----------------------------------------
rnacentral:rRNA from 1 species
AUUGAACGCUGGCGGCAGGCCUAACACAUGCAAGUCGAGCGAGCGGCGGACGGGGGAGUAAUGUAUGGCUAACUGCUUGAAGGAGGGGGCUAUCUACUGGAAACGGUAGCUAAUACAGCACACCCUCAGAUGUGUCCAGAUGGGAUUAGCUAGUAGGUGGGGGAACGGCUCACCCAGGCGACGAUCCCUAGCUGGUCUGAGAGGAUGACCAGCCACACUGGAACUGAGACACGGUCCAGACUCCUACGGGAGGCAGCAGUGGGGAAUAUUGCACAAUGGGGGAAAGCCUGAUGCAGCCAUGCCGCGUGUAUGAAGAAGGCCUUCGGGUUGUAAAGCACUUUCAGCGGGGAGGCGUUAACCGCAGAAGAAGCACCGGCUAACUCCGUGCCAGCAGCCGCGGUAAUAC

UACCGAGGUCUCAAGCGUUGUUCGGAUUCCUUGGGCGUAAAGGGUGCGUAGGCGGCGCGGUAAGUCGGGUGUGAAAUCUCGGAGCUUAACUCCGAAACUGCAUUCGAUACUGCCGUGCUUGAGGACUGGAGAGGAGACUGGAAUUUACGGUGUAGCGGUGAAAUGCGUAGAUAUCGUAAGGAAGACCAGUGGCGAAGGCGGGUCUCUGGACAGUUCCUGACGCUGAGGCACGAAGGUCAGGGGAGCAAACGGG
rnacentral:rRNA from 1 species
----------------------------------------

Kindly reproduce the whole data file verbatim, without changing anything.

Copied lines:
rnacentral:rRNA from 1 species
AUUGAACGCUGGCGGCAGGCCUAACACAUGCAAGUCGAGCGAGCGGCGGACGGGGGAGUAAUGUAUGGCUAACUGCUUGAAGGAGGGGGCUAUCUACUGGAAACGGUAGCUAAUACAGCACACCCUCAGAUGUGUCCAGAUGGGAUUAGCUAGUAGGUGGGGGAACGGCUCACCCAGGCGACGAUCCCUAGCUGGUCUGAGAGGAUGACCAGCCACACUGGAACUGAGACACGGUCCAGACUCCUACGGGAGGCAGCAGUGGGGAAUAUUGCACAAUGGGGGAAAGCCUGAUGCAGCCAUGCCGCGUGUAUGAAGAAGGCCUUCGGGUUGUAAAGCACUUUCAGCGGGGAGGCGUUAACCGCAGAAGAAGCACCGGCUAACUCCGUGCCAGCAGCCGCGGUAAUAC

UACCGAGGUCUCAAGCGUUGUUCGGAUUCCUUGGGCGUAAAGGGUGCGUAGGCGGCGCGGUAAGUCGGGUGUGAAAUCUCGGAGCUUAACUCCGAAACUGCAUUCGAUACUGCCGUGCUUGAGGACUGGAGAGGAGACUGGAAUUUACGGUGUAGCGGUGAAAUGCGUAGAUAUCGUAAGGAAGACCAGUGGCGAAGGCGGGUCUCUGGACAGUUCCUGACGCUGAGGCACGAAGGUCAGGGGAGCAAACGGG
rnacentral:rRNA from 1 species